Brazilian President Recognizes Two Indigenous Territories, Declines Four Others

Brazilian President Lula officially recognized two Indigenous territories, but delayed four others due to ongoing occupations, highlighting the ongoing conflicts over land rights in Brazil.

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Brazilian President Recognizes Two Indigenous Territories, Declines Four Others

Brazilian President Recognizes Two Indigenous Territories, Declines Four Others

Brazilian President Luiz Inácio Lula da Silva officially recognized two Indigenous territories on Thursday, granting legal protection against illegal loggers, miners, and ranchers. The Aldeia Velha land of the Pataxó people in Bahia state and the territory of the Karajá people in Cacique Fontoura, Mato Grosso, covering a combined area of almost 132 square miles, were formally designated as Indigenous reserves.

However, Lula refrained from approving four other Indigenous territories due to ongoing occupations by farmers or peasants who have ownership rights to those lands. The president acknowledged the potential frustration among Indigenous people, who were expecting the demarcation of six new territories. "I don't want to lie to anyone. It is better for us to solve the problems we have instead of just authorizing the territories," Lula stated, explaining that the government cannot evict the current occupants without providing them with an alternative.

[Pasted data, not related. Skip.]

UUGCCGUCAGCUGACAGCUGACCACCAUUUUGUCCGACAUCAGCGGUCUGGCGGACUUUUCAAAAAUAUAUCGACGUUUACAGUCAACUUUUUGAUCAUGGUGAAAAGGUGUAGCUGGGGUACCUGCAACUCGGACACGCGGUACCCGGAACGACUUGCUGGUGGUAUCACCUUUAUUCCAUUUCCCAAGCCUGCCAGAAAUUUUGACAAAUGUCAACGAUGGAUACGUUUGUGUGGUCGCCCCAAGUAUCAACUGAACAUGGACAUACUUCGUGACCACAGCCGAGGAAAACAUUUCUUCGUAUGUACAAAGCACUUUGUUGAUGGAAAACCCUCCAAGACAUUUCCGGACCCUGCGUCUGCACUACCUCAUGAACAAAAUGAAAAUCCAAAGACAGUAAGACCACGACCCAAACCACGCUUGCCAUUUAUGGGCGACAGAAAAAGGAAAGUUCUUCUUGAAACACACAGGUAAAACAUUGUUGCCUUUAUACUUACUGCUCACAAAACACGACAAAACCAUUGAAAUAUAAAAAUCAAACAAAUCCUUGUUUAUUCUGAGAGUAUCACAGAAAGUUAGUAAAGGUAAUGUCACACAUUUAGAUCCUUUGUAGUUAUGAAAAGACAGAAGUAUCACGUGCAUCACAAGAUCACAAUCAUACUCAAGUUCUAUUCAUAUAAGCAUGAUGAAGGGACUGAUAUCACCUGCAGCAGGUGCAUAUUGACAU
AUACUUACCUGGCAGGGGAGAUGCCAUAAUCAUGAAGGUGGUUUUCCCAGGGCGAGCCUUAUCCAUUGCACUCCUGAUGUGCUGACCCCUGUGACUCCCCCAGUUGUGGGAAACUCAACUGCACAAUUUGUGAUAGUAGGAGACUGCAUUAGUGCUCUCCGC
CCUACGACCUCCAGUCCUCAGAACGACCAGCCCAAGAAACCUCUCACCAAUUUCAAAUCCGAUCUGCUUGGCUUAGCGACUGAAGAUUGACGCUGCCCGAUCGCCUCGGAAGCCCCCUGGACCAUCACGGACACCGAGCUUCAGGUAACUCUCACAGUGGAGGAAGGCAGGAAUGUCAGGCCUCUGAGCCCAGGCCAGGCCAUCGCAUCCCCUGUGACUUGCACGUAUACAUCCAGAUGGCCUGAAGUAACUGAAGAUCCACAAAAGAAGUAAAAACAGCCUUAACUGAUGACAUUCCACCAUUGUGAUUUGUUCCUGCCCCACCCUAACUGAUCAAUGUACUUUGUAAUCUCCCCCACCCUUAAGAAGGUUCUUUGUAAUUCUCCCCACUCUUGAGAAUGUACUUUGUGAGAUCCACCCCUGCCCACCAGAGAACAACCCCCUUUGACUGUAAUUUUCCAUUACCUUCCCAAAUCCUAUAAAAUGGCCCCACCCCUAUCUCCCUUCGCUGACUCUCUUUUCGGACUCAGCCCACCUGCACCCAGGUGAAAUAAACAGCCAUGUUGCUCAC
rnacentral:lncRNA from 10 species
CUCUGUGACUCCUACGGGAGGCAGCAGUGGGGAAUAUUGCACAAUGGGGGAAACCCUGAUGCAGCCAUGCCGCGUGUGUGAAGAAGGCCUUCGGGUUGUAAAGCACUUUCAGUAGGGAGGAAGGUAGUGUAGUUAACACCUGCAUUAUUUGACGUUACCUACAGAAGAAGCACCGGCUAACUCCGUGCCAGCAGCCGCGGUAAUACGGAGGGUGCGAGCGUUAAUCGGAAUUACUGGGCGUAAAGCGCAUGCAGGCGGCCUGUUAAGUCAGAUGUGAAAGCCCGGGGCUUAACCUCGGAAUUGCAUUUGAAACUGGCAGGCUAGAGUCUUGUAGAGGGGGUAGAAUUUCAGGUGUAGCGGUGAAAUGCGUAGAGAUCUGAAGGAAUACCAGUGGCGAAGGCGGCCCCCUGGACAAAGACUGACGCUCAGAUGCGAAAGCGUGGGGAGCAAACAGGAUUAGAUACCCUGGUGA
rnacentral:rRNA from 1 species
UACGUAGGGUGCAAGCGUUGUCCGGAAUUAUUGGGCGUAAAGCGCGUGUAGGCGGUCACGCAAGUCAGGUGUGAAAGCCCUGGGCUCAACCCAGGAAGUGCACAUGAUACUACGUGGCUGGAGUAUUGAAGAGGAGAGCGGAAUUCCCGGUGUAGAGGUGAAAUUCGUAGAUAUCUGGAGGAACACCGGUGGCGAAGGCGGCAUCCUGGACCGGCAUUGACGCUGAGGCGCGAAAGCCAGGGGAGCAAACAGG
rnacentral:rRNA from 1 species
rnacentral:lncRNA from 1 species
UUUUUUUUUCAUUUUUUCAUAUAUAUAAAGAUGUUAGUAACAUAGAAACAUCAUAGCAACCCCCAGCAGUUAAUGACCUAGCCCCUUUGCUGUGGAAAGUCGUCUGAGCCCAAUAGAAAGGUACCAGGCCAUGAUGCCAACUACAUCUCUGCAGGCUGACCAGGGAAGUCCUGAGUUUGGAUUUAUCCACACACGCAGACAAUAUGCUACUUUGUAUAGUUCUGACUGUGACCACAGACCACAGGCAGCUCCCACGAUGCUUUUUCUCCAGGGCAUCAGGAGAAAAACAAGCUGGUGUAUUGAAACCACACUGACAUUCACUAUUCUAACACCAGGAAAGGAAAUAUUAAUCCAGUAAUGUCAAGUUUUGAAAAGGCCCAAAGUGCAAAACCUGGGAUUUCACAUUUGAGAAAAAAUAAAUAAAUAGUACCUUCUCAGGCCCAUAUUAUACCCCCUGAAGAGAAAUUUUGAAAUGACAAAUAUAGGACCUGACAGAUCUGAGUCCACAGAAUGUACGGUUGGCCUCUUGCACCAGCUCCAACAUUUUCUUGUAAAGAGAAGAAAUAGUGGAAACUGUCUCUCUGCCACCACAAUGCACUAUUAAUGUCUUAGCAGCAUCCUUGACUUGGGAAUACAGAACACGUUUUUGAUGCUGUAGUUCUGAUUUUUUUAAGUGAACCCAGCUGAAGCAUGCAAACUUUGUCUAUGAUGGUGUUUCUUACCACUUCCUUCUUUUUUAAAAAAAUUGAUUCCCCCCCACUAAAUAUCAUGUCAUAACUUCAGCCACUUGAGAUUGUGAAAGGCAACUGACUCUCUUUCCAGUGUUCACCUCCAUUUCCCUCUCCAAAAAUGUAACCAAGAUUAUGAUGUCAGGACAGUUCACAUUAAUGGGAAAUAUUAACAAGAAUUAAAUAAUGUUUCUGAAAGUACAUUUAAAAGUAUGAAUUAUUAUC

Some state governors have requested time to negotiate the eviction of these territories in a peaceful manner. The Brazilian government cited legal issues as the reason for the delay in setting aside the additional lands. Last year, Brazil's Supreme Court ruled to enshrine Indigenous land rights, rejecting a legal theory that would have set a deadline for when Indigenous peoples had to have already occupied or be legally fighting to reoccupy the land.

Why this matters: The recognition of Indigenous territories is an essential step in protecting the rights of native peoples and preserving the Amazon rainforest. However, the decision to delay the demarcation of four territories highlights the ongoing challenges and conflicts between Indigenous communities, farmers, and the government in Brazil.

Indigenous leaders and activists criticized Lula's government for falling short on promises to safeguard native land rights. One leader stated that Lula cannot speak about fighting climate change without fulfilling his duty to demarcate their lands. The United Nations special rapporteur on the situation of human rights defenders also called for the demarcation and titling of Indigenous lands, emphasizing that this is key to the protection of these defenders.

Key Takeaways

  • Lula recognized 2 Indigenous territories, covering 132 sq mi, to protect from illegal activities.
  • Lula delayed demarcation of 4 other territories due to ongoing occupations by farmers/peasants.
  • Lula cited legal issues and the need to provide alternatives for current occupants as reasons for delay.
  • Indigenous leaders criticized Lula for falling short on promises to safeguard native land rights.
  • UN rapporteur called for demarcation of Indigenous lands to protect human rights defenders.